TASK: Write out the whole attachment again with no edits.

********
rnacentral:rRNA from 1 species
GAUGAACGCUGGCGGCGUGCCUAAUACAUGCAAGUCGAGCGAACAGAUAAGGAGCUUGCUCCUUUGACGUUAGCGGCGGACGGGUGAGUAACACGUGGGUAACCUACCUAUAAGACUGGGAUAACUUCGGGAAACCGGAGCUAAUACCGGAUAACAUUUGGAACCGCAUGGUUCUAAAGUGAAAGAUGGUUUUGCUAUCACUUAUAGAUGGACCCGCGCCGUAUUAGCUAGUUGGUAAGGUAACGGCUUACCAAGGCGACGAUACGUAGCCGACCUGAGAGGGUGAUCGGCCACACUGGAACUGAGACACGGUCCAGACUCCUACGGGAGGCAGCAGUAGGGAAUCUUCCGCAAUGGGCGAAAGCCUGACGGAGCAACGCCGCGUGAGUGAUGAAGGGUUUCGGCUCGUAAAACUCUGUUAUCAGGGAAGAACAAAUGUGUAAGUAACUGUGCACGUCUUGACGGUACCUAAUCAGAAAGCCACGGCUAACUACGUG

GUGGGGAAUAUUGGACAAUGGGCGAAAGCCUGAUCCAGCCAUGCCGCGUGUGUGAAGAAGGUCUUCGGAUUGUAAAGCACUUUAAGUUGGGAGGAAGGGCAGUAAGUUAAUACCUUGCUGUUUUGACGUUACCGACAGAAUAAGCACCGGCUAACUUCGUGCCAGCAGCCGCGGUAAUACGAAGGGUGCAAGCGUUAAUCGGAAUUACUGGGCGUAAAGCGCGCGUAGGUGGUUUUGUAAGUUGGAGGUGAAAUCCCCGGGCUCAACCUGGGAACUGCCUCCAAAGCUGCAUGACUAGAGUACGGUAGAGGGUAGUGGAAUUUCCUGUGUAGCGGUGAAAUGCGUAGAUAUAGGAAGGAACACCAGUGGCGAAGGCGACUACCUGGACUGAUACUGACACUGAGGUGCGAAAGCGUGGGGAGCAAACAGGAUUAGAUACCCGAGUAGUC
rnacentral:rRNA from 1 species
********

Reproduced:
rnacentral:rRNA from 1 species
GAUGAACGCUGGCGGCGUGCCUAAUACAUGCAAGUCGAGCGAACAGAUAAGGAGCUUGCUCCUUUGACGUUAGCGGCGGACGGGUGAGUAACACGUGGGUAACCUACCUAUAAGACUGGGAUAACUUCGGGAAACCGGAGCUAAUACCGGAUAACAUUUGGAACCGCAUGGUUCUAAAGUGAAAGAUGGUUUUGCUAUCACUUAUAGAUGGACCCGCGCCGUAUUAGCUAGUUGGUAAGGUAACGGCUUACCAAGGCGACGAUACGUAGCCGACCUGAGAGGGUGAUCGGCCACACUGGAACUGAGACACGGUCCAGACUCCUACGGGAGGCAGCAGUAGGGAAUCUUCCGCAAUGGGCGAAAGCCUGACGGAGCAACGCCGCGUGAGUGAUGAAGGGUUUCGGCUCGUAAAACUCUGUUAUCAGGGAAGAACAAAUGUGUAAGUAACUGUGCACGUCUUGACGGUACCUAAUCAGAAAGCCACGGCUAACUACGUG

GUGGGGAAUAUUGGACAAUGGGCGAAAGCCUGAUCCAGCCAUGCCGCGUGUGUGAAGAAGGUCUUCGGAUUGUAAAGCACUUUAAGUUGGGAGGAAGGGCAGUAAGUUAAUACCUUGCUGUUUUGACGUUACCGACAGAAUAAGCACCGGCUAACUUCGUGCCAGCAGCCGCGGUAAUACGAAGGGUGCAAGCGUUAAUCGGAAUUACUGGGCGUAAAGCGCGCGUAGGUGGUUUUGUAAGUUGGAGGUGAAAUCCCCGGGCUCAACCUGGGAACUGCCUCCAAAGCUGCAUGACUAGAGUACGGUAGAGGGUAGUGGAAUUUCCUGUGUAGCGGUGAAAUGCGUAGAUAUAGGAAGGAACACCAGUGGCGAAGGCGACUACCUGGACUGAUACUGACACUGAGGUGCGAAAGCGUGGGGAGCAAACAGGAUUAGAUACCCGAGUAGUC
rnacentral:rRNA from 1 species